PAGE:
The scandal-a-week machine on Wall Street served its latest offering when New York Atty. Gen. Eliot Spitzer accused Bank of America and other firms of cheating mutual fund investors to gain business from a favored client.
The new allegation is especially disturbing because it focuses on mutual fund companies.
Funds are supposed to be the safe haven for small investors. By spreading your investment among dozens or hundreds of stocks, a fund ought to minimize the damage done by fraud involving any one stock. That protection is lost if the fund company is breaking the rules itself.
There are some ways small investors can guard against this kind of thing. I'll get to that. But first, what happened in this case?
The complaint filed by Spitzer alleges two offenses. The most serious is the illegal practice of "late trading."
In exchange for getting other business from one client, Canary Capital Partners, Bank of America allowed the New Jersey hedge fund to buy and sell the bank's funds after the financial markets had closed at 4 p.m., the complaint says. (The bank said it was cooperating with investigators and was "in the process of determining all of the facts.")
Ordinarily, an investor who places a buy or sell order for fund shares at, say, 10 a.m., gets the price calculated after that day's close, based on the closing prices of all the stocks and bonds held by the fund.
If the investor's order is placed after the close -- at 4:15 p.m., for example -- the price paid will be based on the net asset value figured after the close the following trading day.
The complaint says the bank allowed Canary to place orders after 4 p.m. but still get that day's price. This allowed Canary to act on news that broke after 4 p.m. and virtually guarantee profits -- like betting on a horse after the race is finished, as Spitzer put it.
Companies often wait until after the market's close to announce important news that can drive stock prices up or down, such as quarterly profits, mergers or lawsuits. This gives investors overnight to digest the news.
Canary, the complaint says, would buy the Bank of America funds after the market close, get that day's price, then sell the next day after the news had driven up the fund's share price. Or Canary could sell before bad news drove the price down.
Canary's profit would be paid out of the fund's assets -- reducing the value for all other investors.
'Timing' of purchases
The second allegation involves "timing" of fund purchases. While not necessarily illegal in itself, timing violates securities regulations if a fund company tells investors it has policies forbidding it, as Bank of America did.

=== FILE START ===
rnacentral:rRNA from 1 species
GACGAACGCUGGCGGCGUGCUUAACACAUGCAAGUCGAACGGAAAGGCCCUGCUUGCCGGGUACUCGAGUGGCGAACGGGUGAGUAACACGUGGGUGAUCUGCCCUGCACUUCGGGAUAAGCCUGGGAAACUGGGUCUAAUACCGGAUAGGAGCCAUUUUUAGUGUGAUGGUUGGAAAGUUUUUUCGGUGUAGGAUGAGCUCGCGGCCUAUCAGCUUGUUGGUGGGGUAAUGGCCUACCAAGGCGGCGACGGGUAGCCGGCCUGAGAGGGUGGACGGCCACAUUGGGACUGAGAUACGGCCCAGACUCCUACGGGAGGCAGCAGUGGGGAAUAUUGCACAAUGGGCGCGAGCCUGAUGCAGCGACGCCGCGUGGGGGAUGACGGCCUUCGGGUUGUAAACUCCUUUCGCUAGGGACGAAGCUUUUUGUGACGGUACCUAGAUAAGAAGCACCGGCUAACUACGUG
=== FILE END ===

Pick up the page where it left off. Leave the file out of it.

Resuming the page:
The complaint says Bank of America allowed Canary to make quick in-and-out trades that other investors were not permitted to make. It could, for instance, buy a fund that held a lot of Japanese stocks in order to benefit from a sudden gain in those stocks' prices. Because Japanese markets close 14 hours before American markets, the net asset value of such a fund is usually based on day-old prices, so the in-out maneuver allowed Canary to lock in virtually guaranteed profits.
Again, Canary's gains came at the expense of the fund's other shareholders who didn't have the same privileges. The bank said Canary was the only investor "with which we had an agreement to permit market timing in our mutual funds."
Canary has neither admitted nor denied guilt, but agreed to pay $30 million restitution for illegal profits plus a $10 million penalty.
In the multitrillion-dollar fund industry, an investor loss of $30 million isn't much. But it's fair to wonder how widespread such practices are, and whether fund companies that engage in one kind of favoritism also have cooked up others we don't know about.
Spitzer's office said such schemes "potentially cost mutual fund shareholders billions of dollars annually." He's broadening his investigation to look at other fund companies. The Securities and Exchange Commission is starting a probe as well.
In the meantime, small investors can help protect themselves by keeping in mind the benefits of diversification. The more investments you have, the less you'll be hurt if something goes wrong with any one of them.
In this case, it means owning funds that contain lots of stocks. Late-breaking news can dramatically drive a stock's price up or down. But if it is just one among hundreds of stocks in the fund, the news will have little effect on the fund's share price. Such a fund is, therefore, not a good candidate for the kind of game Canary was allegedly playing.
Volatile funds -- those prone to ride up and down price swings -- are more likely subjects for such schemes, since money can be made on short-term price changes. Funds that invest in small-company stocks, foreign stocks or stocks in industries like the Internet that run hot and cold, are more volatile than funds that invest in big U.S companies and mainstream industries.
I'm not saying you shouldn't have a small portion of your portfolio in these more volatile funds. But if you want to buy them, you now have a new risk to consider.